FOR IMMEDIATE RELEASE
November 10, 2020
Contact: Branimir Kvartuc
213-248-7954 | firstname.lastname@example.org
LOS ANGELES- Today, Los Angeles City Councilmember Joe Buscaino introduced a motion to promote fair hiring practices, an important step in addressing potential systemic bias in employment decisions as Los Angeles looks to rebuild and help residents get back to work. The motion calls for transparency in the automated hiring assessment industry so that employers have critical information about whether tools perform fairly across race, ethnicity, and gender.
Los Angeles has lost more than 500,000 jobs due to the economic fallout of COVID-19. The data indicates that, as with previous economic downturns, women and people of color are suffering the most.
“Our City is facing significant economic hardship and our most disadvantaged and vulnerable communities continue to be disproportionately burdened,” said Councilmember Buscaino. “If we want a recovery that prioritizes shared prosperity and economic inclusion, we need greater transparency and fairness in the hiring and re-hiring processes. The Fair Hiring Software Motion is a critical step forward in achieving this.”
The motion requests report backs to establish standards for third-party automated employment selection tools, including the possibility of requiring vendors to:
Proactively test their products for fairness, meaning equity of selection rates across race and gender groups;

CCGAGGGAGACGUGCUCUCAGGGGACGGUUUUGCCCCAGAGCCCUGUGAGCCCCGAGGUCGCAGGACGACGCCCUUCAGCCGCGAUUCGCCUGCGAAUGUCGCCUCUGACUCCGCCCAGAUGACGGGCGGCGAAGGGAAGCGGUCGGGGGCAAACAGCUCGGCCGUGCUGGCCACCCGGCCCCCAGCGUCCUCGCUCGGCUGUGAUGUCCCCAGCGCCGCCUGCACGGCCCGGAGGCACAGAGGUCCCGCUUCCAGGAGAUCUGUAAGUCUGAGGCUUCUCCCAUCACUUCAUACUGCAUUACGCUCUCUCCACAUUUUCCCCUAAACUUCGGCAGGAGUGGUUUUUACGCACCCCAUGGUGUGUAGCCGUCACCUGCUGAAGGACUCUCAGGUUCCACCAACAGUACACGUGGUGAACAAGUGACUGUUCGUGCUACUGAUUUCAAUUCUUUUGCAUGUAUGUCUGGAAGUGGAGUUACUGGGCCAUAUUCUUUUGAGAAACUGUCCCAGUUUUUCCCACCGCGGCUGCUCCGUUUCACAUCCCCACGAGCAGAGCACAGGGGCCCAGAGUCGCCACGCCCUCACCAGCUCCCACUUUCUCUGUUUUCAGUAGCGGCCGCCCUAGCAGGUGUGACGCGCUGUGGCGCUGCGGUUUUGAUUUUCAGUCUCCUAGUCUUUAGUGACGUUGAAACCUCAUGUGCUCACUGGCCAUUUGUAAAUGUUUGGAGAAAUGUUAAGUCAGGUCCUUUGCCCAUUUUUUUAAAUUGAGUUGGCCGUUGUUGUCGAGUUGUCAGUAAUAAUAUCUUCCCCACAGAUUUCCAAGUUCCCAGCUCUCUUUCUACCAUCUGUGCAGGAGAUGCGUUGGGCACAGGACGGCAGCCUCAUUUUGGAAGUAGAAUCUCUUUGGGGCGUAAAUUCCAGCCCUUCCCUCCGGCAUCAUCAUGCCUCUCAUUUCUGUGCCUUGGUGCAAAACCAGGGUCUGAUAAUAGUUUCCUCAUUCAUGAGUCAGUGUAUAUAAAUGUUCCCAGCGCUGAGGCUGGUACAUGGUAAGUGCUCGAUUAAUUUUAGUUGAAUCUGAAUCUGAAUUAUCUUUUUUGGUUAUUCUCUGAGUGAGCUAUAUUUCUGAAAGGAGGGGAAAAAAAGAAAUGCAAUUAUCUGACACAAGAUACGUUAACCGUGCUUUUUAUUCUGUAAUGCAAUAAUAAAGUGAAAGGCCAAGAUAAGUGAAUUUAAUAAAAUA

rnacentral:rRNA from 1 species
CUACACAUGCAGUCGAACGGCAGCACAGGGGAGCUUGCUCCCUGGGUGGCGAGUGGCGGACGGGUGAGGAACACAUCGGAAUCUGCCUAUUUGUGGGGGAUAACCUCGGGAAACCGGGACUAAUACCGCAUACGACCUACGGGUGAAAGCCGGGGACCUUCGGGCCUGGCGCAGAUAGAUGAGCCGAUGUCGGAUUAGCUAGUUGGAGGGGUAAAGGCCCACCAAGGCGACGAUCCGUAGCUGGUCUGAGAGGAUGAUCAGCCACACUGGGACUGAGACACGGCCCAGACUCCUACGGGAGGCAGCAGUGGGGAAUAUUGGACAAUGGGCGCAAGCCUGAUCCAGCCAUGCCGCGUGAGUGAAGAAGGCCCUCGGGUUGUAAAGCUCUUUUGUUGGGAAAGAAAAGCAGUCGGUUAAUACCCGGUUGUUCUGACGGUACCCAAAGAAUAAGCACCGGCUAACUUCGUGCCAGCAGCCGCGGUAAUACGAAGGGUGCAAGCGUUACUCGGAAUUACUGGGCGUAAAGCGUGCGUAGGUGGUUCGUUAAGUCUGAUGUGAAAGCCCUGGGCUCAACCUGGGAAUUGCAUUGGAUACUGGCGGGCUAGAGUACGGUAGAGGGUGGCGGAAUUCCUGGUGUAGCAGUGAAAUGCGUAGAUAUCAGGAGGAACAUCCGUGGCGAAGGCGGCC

Share the results of annual fairness tests with employers using their tools; and
Label hiring tools such that applicants are informed that they are being assessed, and for what purpose.
Many newly-unemployed Los Angeles residents were already at a disadvantage in the workforce. Whether or not the situation worsens for vulnerable communities is largely dependent on how employers approach rehiring during the recovery. Employers are increasingly turning to technology to help screen large volumes of candidates remotely. When employers want to use a tool to remotely screen large numbers of candidates, they need reliable information about which tools will help them identify diverse candidates, and which are more likely to preserve the status quo.
“People are increasingly waking up to the employment disparities that have existed since long before COVID-19,” said Maria Alexander, the Executive Director of the Center for Living and Learning, a social enterprise in the Los Angeles Regional Initiative for Social Enterprise (LA:RISE). “The Fair Hiring Software Motion marks a tide change from our history that disproportionately shut out women and minority candidates.”
The Center for Living and Learning and the Los Angeles Regional Reentry Partnership are members of the Fair Hiring for California Coalition, a large and diverse group of social justice and community organizations advocating for policies that prioritize and proactively prevent bias in hiring. The coalition includes the Los Angeles Region organizations CA Hispanic Chambers of Commerce, Clergy and Laity United for Economic Justice, Latin Business Association, Legal Services for Prisoners with Children, LA Latino Chamber of Commerce, New Earth, SLATE-Z, Southern Christian Leadership Conference of Southern California, T.R.U.S.T. South LA and YWCA Greater Los Angeles.
“We have been energized to see that Los Angeles, and indeed California at large, is ready to confront inequality in our society,” said Troy Vaughn, the Executive Director and Co-Founder of the Los Angeles Regional Reentry Partnership, who was formerly incarcerated and a homeless veteran living on Skid Row. “Now is the time to update our 20th-Century policies to reflect the possibilities of 21st-Century technology. The Fair Hiring Software Motion is an important step in the right direction.”